by Lonnie McDowell
Joseph Brightblade was awakened by a loud pounding on the door. "No one," he thought, "ever pounds with good news." He got up to answer it anyway. Before the door was fully open, two gun toting humans and a dwarf burst through it. The taller of the two humans spoke. "I'm sorry, Joe, we didn't know where to go. We need your help."
The air fairly throbbed with the stench of violence in their auras. He'd warned Lemuel repeatedly about the so called "friends" he was making, but Lemuel didn't seem to want to change. Increasingly, his brother had only been angered by his efforts to help him follow a better path, and eventually he had stopped talking to Joseph altogether. Until he showed up tonight, asking for help.
"What do you want?" He knew what they needed from the trauma patch on his brother's leg seeping red out from under it's edges, by the dazed and wary look on the dwarf's face, and by the wince every time the other human breathed too deeply, but often Lemuel let his wants override his needs. "I told you: we need your help. We got jumped by a bunch of thrill-gangers, and shot up pretty bad. You can heal us, can't you?"
"How fortunate that you were all dressed in dark-colored armored clothing, and equipped with assault rifles to defend yourselves." Joseph noted. Lemuel flushed. "So we're just supposed to let ourselves get killed, right?" Joseph let it drop. "And what do I get?" "Drek, Joe, we're brothers. If that's not enough, then fine." Lemuel made no move to leave. "Yes. We are brothers. And brothers look out for each other, don't they." It wasn't a question. "Bring them up to the waiting area. I'll need to prepare." "Um, Joe, Jale's still in the back of the truck. He's hurt pretty bad." Joseph paused, then said quietly, "Bring him up too."
The medicine lodge and the adjacent waiting room sat on the roof of the building. Every week Joseph had fresh cedar boughs shipped in from the Cascade Crow nation. It wasn't the same as having a wilderness lodge, but Joseph did what he could. He ignited a bundle of incense herbs, and arranged several items from his medicine bag. When that was done, he sat cross-legged and petitioned Bear for guidance.
Somewhat surprisingly, Bear answered in person, along with two cubs who seemed more interested in wrestling with each other than in Joseph's petition.
"You have some decisions to make." The growled words were perfectly intelligible.
"I know. My brother... there is less and less good in him. In part it's because of Jale. How can I heal a man who revels in violence, who has enhanced his body for the sole purpose of increasing his ability to destroy? If I heal him, Lemuel may be lost. Others will certainly be hurt or killed."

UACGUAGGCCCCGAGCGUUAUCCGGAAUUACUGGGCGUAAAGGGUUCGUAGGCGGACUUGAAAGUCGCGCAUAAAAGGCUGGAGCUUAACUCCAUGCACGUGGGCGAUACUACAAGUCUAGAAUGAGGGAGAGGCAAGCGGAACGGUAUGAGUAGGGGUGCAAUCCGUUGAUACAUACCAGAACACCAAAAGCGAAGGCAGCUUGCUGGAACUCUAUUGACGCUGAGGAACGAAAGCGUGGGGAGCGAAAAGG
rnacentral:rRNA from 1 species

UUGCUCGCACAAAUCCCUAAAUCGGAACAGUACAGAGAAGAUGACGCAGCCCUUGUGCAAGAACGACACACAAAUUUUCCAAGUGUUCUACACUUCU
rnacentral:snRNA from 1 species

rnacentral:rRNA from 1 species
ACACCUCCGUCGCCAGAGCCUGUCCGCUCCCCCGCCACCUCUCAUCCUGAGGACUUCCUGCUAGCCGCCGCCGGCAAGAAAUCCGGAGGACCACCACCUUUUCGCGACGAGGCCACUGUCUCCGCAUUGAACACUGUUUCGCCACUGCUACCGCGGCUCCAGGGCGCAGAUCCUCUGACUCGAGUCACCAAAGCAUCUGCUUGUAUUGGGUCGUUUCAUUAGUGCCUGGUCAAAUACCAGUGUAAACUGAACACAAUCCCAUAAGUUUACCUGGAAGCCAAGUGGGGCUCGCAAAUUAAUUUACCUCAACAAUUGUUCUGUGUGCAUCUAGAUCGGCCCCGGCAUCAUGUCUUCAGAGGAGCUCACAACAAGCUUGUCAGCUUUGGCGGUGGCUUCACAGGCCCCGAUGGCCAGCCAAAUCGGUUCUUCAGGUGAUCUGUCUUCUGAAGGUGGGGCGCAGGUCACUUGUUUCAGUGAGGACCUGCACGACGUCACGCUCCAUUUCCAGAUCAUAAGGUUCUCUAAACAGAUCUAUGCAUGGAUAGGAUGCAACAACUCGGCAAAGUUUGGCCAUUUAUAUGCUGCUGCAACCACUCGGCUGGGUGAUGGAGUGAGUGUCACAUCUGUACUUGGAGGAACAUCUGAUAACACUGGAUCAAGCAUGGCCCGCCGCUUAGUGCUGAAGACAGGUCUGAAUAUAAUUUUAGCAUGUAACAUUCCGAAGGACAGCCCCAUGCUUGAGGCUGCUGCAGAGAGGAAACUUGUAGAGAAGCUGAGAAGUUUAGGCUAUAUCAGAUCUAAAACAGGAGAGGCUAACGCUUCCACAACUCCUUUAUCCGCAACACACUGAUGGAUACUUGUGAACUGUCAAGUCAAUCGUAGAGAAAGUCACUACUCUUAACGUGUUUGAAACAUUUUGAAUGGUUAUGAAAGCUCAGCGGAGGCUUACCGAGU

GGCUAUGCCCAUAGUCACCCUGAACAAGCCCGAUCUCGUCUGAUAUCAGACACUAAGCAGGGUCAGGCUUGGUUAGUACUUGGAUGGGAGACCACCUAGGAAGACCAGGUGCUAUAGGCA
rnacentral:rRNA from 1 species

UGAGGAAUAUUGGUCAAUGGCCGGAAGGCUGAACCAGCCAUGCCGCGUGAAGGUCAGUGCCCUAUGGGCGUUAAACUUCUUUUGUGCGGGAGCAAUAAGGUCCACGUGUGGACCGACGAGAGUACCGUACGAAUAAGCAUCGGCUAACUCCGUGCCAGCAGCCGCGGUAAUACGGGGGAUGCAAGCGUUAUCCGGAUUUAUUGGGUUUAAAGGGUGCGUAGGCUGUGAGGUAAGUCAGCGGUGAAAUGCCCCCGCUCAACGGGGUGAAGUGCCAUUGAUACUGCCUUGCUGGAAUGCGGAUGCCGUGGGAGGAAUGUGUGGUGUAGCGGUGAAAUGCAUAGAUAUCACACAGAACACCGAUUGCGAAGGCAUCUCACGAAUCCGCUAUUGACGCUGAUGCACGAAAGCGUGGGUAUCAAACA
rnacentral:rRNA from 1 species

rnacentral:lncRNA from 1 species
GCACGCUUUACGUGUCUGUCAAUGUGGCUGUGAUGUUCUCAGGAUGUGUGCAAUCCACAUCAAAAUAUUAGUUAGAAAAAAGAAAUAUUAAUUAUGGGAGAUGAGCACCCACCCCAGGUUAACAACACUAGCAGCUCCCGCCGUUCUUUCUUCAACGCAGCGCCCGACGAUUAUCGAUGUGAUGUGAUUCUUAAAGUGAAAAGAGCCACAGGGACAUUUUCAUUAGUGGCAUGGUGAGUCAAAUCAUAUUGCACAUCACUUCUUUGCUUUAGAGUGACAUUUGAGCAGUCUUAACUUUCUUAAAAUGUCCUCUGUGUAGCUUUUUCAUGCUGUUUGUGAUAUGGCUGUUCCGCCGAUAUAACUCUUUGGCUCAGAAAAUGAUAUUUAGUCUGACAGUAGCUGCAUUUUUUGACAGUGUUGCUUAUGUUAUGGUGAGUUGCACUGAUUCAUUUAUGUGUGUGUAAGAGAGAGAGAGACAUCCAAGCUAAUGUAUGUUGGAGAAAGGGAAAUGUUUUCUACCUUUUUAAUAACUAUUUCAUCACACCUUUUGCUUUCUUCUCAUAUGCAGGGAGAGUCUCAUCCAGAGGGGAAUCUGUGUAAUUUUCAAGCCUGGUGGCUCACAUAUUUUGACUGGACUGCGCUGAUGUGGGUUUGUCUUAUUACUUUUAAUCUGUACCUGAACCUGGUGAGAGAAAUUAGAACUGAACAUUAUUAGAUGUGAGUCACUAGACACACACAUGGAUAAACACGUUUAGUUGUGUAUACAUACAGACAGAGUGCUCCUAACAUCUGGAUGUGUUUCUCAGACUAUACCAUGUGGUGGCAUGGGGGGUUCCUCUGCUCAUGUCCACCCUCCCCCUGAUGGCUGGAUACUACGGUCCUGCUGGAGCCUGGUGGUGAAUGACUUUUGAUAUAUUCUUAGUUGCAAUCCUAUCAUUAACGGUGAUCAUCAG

"A pair of millennia ago, a boy older than his years recorded a comparable dilemma. When he sought guidance, the spirit he followed told him that it was better that one man should die than a whole nation should dwindle and perish, and provided the means to slay the one man. You, however, are in a different place and time, with different means."
"And the nation survived?" asked Joseph.
"Yes, but not for long. Soon thereafter the nation divided, and ultimately one side, then the other turned away from what they knew in their hearts was true. Once they lost their guidance, they became for themselves, and were lost as a consequence of their actions."
"That's not very encouraging."
"Contemplating death, your own or a nation's, is rarely encouraging. Although some of my peers would disagree." Bear whuffed with disapproval.
One of the cubs stopped wrestling and looked up at Joseph. "We don't want Jale here. Why don't you keep him?" The other cub batted him on the head, and they were gone again, rolling and tumbling.
Joseph looked back at Bear. "So what do I do?"
"Make a right choice."
"A right choice? That's not very helpful."
Bear remained silent. Apparently totems didn't bicker. Joseph sighed. What good was having a spiritual guide if he wouldn't tell you which way to go?
Both cubs stopped wrestling and looked up solemnly. "You have to listen before you can hear." said one. Joseph wasn't sure if it was the same one as before.
Bear rumbled deeply, and began to fade. "Sometimes life and death rest on the results of much simpler decisions. Do not forget what you know."
An eternity later, Joseph exited the lodge. He motioned for Jale to be brought in, and instructed Lemuel and his friends to set the unconscious body against one wall. He began a chant, one he seldom attempted. Healing magic streamed its way through the lodge, infusing both him and Jale. On the third repetition, he altered the chant slightly. No one noticed.